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THE POWER OF A SMILE

Eric Luecking . a Riley parent, recently spoke at the “Cleft Care Across the Lifespan: Fundamentals for Parents” conference on March 6, 2014 at Riley Hospital for Children at IU Health.  Below is the written text of Mr. Luecking’s remarks.

Humans can have an ugly way of undoing God's gifts.  Maybe it's the media - or our interpretation of their reporting - that has us scrutinizing every little imperfect curve or asymmetry.  One look at my son's beautiful smile, though, and I can't imagine anyone ever calling him imperfect based on his looks.  They say a smile is the window to your soul, and with Miles' grin - well, let's just say that I've never seen a more perfect example of that.

 Miles was born with a unilateral cleft lip and palate.  The craniofacial team at Riley diagnosed him with a fairly significant cleft.  After being fitted for an obturator, using some special tape, and enduring a successful lip repair, his facial transformation, at least externally, was complete.  If there is one thing he loves to do, it is smile.  Upon first waking up and shaking the initial grumpies, a smile is quick to surface.  And he will smile at EVERYONE.  The teachers at his daycare call him Mr. Smiles.  How fitting.  When my wife and I finally agreed upon a first name, a task that felt like it was still being debated upon in the delivery room, it was more because we liked the sound of the name.  But it was fate that we decided upon "Miles."  After all, slide the "s" from the back to the front, and his name is an anagram for "smile."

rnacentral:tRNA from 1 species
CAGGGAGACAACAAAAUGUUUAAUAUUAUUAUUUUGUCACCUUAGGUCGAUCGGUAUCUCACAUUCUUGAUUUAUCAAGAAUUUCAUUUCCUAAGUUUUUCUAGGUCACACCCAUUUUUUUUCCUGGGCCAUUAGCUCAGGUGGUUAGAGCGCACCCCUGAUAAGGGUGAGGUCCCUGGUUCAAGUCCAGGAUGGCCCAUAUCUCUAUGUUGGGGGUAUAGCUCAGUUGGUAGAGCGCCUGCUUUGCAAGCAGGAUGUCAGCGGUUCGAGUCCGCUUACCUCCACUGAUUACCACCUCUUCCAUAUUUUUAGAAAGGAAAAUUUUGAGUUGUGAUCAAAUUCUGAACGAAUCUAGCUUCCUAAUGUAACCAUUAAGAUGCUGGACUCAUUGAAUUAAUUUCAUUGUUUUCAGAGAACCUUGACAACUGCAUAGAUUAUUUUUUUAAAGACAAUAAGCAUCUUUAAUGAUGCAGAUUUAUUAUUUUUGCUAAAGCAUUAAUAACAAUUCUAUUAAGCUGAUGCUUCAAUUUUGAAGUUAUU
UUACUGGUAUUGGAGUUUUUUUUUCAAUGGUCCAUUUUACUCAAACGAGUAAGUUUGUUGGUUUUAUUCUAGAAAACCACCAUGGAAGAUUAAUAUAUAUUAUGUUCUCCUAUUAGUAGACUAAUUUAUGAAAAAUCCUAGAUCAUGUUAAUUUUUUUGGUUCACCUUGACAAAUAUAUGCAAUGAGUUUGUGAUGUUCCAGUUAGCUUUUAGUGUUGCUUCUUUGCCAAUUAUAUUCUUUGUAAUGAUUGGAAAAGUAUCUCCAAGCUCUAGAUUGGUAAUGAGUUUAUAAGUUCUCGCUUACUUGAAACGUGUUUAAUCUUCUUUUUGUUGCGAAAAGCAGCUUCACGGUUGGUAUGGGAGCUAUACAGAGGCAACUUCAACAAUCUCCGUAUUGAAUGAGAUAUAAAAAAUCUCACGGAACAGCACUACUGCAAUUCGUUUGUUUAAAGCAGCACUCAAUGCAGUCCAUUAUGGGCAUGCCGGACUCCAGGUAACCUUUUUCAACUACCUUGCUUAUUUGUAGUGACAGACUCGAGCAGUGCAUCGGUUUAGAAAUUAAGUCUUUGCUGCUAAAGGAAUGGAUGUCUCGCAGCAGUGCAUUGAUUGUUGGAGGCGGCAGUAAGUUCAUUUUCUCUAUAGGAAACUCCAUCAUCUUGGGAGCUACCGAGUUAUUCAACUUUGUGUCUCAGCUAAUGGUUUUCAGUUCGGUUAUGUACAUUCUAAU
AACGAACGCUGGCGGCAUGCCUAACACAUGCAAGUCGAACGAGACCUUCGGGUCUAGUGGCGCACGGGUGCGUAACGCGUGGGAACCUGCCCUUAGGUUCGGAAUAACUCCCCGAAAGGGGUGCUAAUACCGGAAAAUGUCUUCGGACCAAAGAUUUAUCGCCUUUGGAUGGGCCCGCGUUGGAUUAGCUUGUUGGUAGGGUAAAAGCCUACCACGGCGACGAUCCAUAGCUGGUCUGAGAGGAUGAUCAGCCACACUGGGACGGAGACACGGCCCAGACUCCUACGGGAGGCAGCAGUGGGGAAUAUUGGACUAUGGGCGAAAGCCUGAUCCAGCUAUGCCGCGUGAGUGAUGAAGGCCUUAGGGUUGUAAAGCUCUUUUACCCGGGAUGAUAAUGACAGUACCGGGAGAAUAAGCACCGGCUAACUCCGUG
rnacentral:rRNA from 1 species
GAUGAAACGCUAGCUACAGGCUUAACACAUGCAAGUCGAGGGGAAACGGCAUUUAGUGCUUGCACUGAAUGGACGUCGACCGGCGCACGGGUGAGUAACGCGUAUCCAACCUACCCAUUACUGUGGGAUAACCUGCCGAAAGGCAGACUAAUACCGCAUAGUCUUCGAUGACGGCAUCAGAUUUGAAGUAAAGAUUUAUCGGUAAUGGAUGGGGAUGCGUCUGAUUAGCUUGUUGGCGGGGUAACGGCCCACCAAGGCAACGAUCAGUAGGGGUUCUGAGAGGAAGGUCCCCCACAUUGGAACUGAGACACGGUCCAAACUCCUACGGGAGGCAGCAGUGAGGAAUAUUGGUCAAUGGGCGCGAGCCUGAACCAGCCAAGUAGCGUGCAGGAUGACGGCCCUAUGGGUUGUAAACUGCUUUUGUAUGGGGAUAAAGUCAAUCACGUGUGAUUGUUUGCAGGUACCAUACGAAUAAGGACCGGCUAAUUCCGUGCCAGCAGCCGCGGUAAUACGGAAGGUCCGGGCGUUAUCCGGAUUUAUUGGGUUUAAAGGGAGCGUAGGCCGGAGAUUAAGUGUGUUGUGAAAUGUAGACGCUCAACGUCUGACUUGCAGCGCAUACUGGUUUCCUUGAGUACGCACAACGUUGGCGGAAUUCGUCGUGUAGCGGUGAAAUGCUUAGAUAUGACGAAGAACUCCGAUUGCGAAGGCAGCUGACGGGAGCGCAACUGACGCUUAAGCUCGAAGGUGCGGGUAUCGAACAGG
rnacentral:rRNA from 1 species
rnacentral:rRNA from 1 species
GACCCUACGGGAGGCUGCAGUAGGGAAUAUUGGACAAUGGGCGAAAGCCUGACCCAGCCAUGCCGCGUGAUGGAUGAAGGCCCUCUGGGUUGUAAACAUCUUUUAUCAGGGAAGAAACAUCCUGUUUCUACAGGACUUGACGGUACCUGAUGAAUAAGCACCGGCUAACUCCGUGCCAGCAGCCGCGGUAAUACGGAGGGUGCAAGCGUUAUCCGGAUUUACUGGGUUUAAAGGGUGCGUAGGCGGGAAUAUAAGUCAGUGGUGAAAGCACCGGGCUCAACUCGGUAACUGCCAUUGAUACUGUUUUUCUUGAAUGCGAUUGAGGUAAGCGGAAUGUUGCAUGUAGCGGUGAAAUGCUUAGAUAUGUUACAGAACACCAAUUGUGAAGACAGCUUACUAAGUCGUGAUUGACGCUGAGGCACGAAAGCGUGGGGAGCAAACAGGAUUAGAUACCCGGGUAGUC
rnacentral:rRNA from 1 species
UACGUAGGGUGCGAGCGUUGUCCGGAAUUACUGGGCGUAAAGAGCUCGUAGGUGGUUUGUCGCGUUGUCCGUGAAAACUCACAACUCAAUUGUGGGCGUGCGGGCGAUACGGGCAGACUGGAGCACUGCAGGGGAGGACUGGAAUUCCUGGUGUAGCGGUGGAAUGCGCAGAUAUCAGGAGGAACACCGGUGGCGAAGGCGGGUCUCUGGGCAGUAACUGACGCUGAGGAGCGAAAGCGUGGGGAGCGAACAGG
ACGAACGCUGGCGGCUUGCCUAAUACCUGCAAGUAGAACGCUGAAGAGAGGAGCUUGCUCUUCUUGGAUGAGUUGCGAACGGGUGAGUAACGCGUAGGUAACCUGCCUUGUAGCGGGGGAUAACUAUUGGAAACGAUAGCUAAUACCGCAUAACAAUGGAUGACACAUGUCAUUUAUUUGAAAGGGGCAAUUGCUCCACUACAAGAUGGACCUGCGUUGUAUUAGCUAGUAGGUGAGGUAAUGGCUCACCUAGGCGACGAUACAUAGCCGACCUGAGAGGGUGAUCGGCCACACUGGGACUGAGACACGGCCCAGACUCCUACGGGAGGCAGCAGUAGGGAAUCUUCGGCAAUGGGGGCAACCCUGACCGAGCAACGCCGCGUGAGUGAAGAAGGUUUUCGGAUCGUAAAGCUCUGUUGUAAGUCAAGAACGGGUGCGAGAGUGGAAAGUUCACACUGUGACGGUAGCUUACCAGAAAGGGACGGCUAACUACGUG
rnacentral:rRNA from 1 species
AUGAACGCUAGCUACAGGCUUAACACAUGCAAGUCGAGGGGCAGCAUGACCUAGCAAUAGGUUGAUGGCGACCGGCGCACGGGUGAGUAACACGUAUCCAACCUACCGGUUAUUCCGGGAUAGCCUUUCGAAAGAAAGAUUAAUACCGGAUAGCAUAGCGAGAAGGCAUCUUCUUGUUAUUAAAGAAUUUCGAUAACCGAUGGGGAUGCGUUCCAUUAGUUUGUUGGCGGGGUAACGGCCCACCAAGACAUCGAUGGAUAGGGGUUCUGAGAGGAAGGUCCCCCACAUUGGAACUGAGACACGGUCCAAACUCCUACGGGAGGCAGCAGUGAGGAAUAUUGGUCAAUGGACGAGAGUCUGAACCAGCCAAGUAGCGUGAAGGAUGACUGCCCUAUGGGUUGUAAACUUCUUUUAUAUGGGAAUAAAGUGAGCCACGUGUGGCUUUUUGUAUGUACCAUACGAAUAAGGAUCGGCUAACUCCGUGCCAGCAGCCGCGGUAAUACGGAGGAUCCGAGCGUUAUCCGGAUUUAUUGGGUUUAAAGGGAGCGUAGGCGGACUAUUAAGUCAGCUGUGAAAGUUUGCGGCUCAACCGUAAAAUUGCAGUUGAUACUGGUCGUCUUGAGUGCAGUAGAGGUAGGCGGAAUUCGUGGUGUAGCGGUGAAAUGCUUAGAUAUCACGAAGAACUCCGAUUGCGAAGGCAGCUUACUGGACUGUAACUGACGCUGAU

What should be his flaw, by misguided societal standards, becomes his greatest asset.  Yes, the muscles and facial structure bend, strain, and contort into that gesture we call a smile, but it's far more than that.  Couple those synapses with the sparkle in his eye, and he disarms you.  Paired with his love of hugs and hugging, he's something really special - a lightning rod of love and affection.

A colleague of mine has friends who are parents of a baby born with cleft lip and palate.  They were scared for themselves and for their son.  My colleague asked me for some advice to pass along to them about surgery schedules, bottles, etc., and while I was happy to oblige with what few words I could say, my overriding feeling was that parenthood is scary, cleft or no cleft.  Although my wife and I are quite fortunate in the sense of experience - her with the clinical background as a speech therapist on the craniofacial team and me with my personal experience with cleft lip and palate - we also know that our daughter, who doesn't have a cleft, will someday have some sort of adversity to face as well.  Our job as parents is, first and foremost, to provide a loving environment and secondly to teach them to be good people.  If you do those two things for any child, you are setting them up for success.  In that regard, cleft lip and palate is inconsequential.  You raise your children for the people they are, not the conditions that their DNA bestows upon them.